floating.numbers, 2004

Jewish Museum Berlin, Germany

Numbers are commonly seen as quantitative measures of entities. Depending on the context however, they often also have religious, historical, mathematical and philosophical meanings. floating.numbers attempts to bring back this often forgotten or unknown layer of meaning into their interpretation in the age of digital determinism.

floating.numbers is a 9 x 2 metre interactive table on which a continuous stream of numbers is floating. Individual digits appear randomly at the surface and, once touched by a visitor, reveal their meaning in text, pictures, animation and small interactive applications. The significance of the numbers materialises from the various perspectives of sociology, religion, history, mathematics, art or one’s outlook on everyday life.

For this installation, the table was consciously employed as an interface. This everyday object is perceived as a place of communication, conversation and exchange of ideas. The visitors are engaged into a dialog with the application as well as with other visitors about the numbers they explore. On the underside of the wooden tabletop a grid of in-house developed capacitive sensors are installed detecting the position of the visitors’ hands.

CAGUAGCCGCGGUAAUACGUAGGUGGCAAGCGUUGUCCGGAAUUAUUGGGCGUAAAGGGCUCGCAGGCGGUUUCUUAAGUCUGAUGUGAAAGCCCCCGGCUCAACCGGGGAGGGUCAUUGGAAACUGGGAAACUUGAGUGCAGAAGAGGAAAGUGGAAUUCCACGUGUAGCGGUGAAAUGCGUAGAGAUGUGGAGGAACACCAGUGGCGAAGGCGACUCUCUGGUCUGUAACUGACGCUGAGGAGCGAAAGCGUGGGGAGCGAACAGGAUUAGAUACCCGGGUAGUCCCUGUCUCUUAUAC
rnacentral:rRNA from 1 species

The content was computationally designed and is generated in real time, communicating to the audience an autonomous behavioural system. All numbers floating on the table are so-called typobots (type-robots) with specific behaviour (move along different currents; move forward, swishing like a fish depending on their length; move in the direction of attractors; etc.). The goal was to offer an autonomous system giving users the impression they are engaged with an independently acting and non-deterministic system, contrary to the usual tree- or rhizome based applications.

floating.numbers was the first of many multi-touch table-installations, all based on the same technology.